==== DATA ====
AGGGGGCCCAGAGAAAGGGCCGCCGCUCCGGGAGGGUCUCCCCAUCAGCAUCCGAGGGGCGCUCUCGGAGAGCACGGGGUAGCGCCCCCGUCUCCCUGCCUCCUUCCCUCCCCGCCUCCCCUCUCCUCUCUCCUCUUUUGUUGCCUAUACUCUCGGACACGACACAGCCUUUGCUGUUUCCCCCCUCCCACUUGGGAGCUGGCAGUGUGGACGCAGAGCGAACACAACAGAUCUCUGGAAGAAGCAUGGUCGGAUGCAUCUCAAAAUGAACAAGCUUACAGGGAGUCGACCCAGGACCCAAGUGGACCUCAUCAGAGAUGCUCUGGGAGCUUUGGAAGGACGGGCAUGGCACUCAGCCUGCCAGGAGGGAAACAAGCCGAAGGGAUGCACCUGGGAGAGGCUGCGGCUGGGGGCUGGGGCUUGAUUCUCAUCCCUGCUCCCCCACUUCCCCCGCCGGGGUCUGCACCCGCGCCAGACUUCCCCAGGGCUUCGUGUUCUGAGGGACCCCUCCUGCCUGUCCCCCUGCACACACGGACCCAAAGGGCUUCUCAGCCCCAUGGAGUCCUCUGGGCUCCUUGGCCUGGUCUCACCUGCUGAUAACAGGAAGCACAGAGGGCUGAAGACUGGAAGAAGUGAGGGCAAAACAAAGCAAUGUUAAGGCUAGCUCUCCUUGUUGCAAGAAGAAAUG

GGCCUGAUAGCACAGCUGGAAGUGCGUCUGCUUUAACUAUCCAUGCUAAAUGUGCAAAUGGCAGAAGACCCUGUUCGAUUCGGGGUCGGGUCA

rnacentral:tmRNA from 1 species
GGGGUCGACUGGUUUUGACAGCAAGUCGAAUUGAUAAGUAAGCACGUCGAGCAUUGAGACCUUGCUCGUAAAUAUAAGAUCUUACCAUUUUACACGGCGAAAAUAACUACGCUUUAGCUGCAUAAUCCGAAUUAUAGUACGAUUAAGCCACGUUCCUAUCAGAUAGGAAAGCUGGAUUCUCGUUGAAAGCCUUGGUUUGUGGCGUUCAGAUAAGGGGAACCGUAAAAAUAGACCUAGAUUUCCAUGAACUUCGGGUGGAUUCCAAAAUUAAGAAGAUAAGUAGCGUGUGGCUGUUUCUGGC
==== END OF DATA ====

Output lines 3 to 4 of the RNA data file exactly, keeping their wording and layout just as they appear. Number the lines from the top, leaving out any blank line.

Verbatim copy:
rnacentral:tmRNA from 1 species
GGGGUCGACUGGUUUUGACAGCAAGUCGAAUUGAUAAGUAAGCACGUCGAGCAUUGAGACCUUGCUCGUAAAUAUAAGAUCUUACCAUUUUACACGGCGAAAAUAACUACGCUUUAGCUGCAUAAUCCGAAUUAUAGUACGAUUAAGCCACGUUCCUAUCAGAUAGGAAAGCUGGAUUCUCGUUGAAAGCCUUGGUUUGUGGCGUUCAGAUAAGGGGAACCGUAAAAAUAGACCUAGAUUUCCAUGAACUUCGGGUGGAUUCCAAAAUUAAGAAGAUAAGUAGCGUGUGGCUGUUUCUGGC